“They’re getting lower, they’re getting wider, they’re getting sharper,” Evernham said. “And the air dynamics are coming from the bottom, the tires are getting wider, and profile’s changing. We just talked about all those things and they made notes, after notes, after notes and just kept bringing it to life.”
The real-life evolution of NASCAR cars helped inspire the future of racing in Cars 3, as well, in the form of Jackson Storm. The idea was to make Lightning McQueen look old, Ward said, which is hard to do because he’s still a fantastic, fast looking car.
“So when we show designs for Ray,” Ward said, “we asked, “Ray what would a NASCAR car look like 20 years from now if you can make it up?” And he’s like, “You guys are onto something good.’”
Evernahm said it meant a lot to him to be able to share his NASCAR stories and part of his own history with film-makers.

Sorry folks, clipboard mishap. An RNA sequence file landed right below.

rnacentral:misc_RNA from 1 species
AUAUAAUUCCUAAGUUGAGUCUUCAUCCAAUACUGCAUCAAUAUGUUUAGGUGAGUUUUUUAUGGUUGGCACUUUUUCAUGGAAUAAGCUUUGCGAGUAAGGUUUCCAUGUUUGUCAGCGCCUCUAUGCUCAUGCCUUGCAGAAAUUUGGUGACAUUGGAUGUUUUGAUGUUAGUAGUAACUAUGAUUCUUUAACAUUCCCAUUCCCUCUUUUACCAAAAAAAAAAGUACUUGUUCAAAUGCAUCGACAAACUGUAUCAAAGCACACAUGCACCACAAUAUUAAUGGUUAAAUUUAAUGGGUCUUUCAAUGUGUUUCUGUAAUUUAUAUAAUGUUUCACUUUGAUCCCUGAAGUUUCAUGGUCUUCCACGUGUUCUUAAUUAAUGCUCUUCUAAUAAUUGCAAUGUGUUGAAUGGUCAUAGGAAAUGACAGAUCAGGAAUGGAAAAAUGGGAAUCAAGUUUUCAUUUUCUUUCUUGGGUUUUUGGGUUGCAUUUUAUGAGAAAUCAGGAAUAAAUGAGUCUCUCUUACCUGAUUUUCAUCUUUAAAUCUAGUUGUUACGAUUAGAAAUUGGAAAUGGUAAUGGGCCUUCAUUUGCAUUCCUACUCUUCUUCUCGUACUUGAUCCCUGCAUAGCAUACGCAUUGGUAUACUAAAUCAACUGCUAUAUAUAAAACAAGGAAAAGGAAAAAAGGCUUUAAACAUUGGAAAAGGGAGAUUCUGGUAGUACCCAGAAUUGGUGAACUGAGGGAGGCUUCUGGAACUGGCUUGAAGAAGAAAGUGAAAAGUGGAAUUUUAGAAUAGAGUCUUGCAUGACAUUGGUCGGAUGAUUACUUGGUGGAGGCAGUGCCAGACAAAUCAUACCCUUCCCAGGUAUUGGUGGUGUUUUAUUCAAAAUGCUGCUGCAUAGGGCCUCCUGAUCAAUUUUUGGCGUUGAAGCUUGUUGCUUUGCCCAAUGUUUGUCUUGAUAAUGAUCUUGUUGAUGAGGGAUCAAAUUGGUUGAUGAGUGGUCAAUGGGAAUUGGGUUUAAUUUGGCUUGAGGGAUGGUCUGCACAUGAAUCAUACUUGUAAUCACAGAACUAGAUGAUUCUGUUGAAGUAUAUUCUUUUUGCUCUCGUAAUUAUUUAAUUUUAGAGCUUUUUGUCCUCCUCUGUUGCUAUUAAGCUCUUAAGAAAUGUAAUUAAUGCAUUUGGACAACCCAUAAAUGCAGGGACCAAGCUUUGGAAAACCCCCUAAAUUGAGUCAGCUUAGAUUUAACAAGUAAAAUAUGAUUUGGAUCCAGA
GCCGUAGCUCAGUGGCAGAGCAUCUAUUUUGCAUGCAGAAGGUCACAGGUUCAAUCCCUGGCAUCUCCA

“I’ve totally… it’s been a fire hose of emotions in some ways because it’s– at the end of my career and having a young child – I’ve got kind of a blended family,” Evernham told us. “There’s 24 years difference between my children and my son is on the autism spectrum at 26-year-old.
“And I have a2-year-old and to be lucky enough to have been involved and this project has brought them closer together and I understand a little bit more… I watch the movies with them and I learn as much myself about my career.”
Evernham said when he thinks of Lightning McQueen, his story is much like the retirement of Jeff Gordon. “But then through this movie, some of the lessons that Lightning had to learn about the emotion and the relationships and the people were more important than winning the races and the trophies,” he said. “Because when that’s gone you just had stuff and without the relationship with people it didn’t mean anything. So, I actually found out more about my life and my career and I think that working on this movie has helped me appreciate my adaption into the Hall Of Fame more than had I not.”
If you want to see the only two life-size Lightning McQueen cars that have been producted, you can visit the Petersen Museum in Los Angeles, CA or the NASCAR Hall of Fame in Charlotte, NC.